Fortunately, in the end Bouchard’s report has been released in full, nearly four months after the government received it. The original confidential report’s contrast with Naylor’s 2017 report — a public launch event at the Château Laurier hosted by the Public Policy Forum, with 150 people attending — could hardly be more striking. But then, when it comes to their shiftless work on science policy, the Trudeau government has long since gotten into the habit of burying the evidence.
From 2007 to 2015, Canada had a Science, Technology and Innovation Council with a simple mandate: track Canada’s science performance against other countries’. The STIC Council, made up of university presidents, business leaders, and top-ranking civil servants, published a report every two years comparing Canada’s science performance to other countries'. The news was basically always bad. So in 2015 the Trudeau government published the last STIC council report, on the Harper government’s performance — and then shut the STIC council down. When I asked in 2017 what had become of the thing, the so-called Innovation department lied to me and told me it was still in operation. The department didn’t know I had interviewed STIC council members about the going-away party.
Bouchard picks up the story from there.
“The Fundamental Science Review panel [Naylor’s 2017 report] recommended the creation of the National Advisory Council on Research and Innovation (NACRI) to provide broad oversight and advice… In response, the Government of Canada set out to create the Council on Science and Innovation (CSI), and launched a process to seek a chair and members in 2018-19….However, there have been no public details on the CSI since 2019 and the CSI has never been made functional.”
It’s pathetic. The Trudeau government is in the eighth year of failing to do what the Harper government did routinely with little effort: reporting regularly to Canadians on the results achieved from billions of dollars of science funding. Except failing isn’t the right word, is it? The government is obstinately refusing to report.
No Canadian government has been strategic about its support for science since Jean Chrétien’s second and third majorities, 1997-2003. Chrétien cut research fundingfrom 1993 to 1997, but then built back strongly, creating the modern granting-council structure and increasing funding aggressively year after year. Succeeding governments have been less diligent and all preferred short-term headlines to long-term building.
The result? “NSERC's budget is currently about 3.7 percent lower than it was in 2007 (in 2007 constant dollars),” Bouchard and colleagues write, “while the US National Science Foundation (NSF) saw its budget grow by 5.2 percent and the Australian Research Council (ARC) by 1.1 percent (in 2007 constant dollars) over roughly the same time period.”
“While Germany plans to increase research investment to 3.5 percent of GDP by 2025 and Finland to 4 percent of GDP by 2030, Canada currently sits at about 1.6 percent,” they add.
Talent goes where it’s wanted and where it can do the most interesting work. While Canada ranked 8th in the world in 2011 for the number of researchers per 1,000 population, by 2019 it had fallen to 18th.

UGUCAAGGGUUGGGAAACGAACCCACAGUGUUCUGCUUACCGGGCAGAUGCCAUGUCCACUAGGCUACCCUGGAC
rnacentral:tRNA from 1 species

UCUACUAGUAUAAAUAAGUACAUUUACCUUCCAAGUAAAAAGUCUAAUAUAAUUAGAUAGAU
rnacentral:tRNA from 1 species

Most of Bouchard’s report stays closer to his mandate. How can Canada’s research effort be more coordinated, cohesive and agile? Bouchard and colleagues answer: first, keep the politicians out of it. They call for a new governance body, with a powerful director, to coordinate large research projects across disciplines. Naylor suggested something similar in 2017. The feds created a poorly-designed body with a part-time chair they could safely ignore, and kept making announcements piecemeal based on their marketing appeal, without regard to incoherence in the system. Bouchard’s new Canadian Knowledge and Science Foundation would do the strategic planning this government finds so boring, and it would be supported by a new permanent advisory body modelled on the STIC Council this government abolished.
I know how unwelcome Bouchard’s advice is now. Chrystia Freeland, who has her job because her predecessor urged fiscal restraint, is now urging fiscal restraint. It’s a lot harder to make these investments now than it was seven years ago. It’s harder to simplify a system the feds have spent seven years complicating. It’s harder to do any of this than it was to rename the Industry department the Innovation department, to hire and dismiss a Minister of Science, and to find a Chief Science Advisor who is so obsessed with going along to get along that she might as well sit in the Liberal caucus.
Bouchard was given eight weeks to deliver a secret report with no mention of money precisely because this government wanted his work to be as easy to ignore as possible. He has obstinately told them what Naylor told them the last time they asked. The same thing the next panel will tell them after they ignore this one.
I’m also aware that a hypothetical Conservative government led by Pierre Poilievre would devote its energy on post-secondary education and research to withholding research grants to punish wokeism and waging random culture-war skirmishes against “elites.” Each major party in our system uses the threat of the other as an excuse to turn in lousy work. Meanwhile Japan and Finland, Germany and the U.S., which aren’t governed by Justin Trudeau or Pierre Poilievre, manage to fund and organize science research. One wonders how they manage. By “one wonders how they manage,” I mean, one reads reports every few years that explain in detail how they manage, and everyone ignores the reports.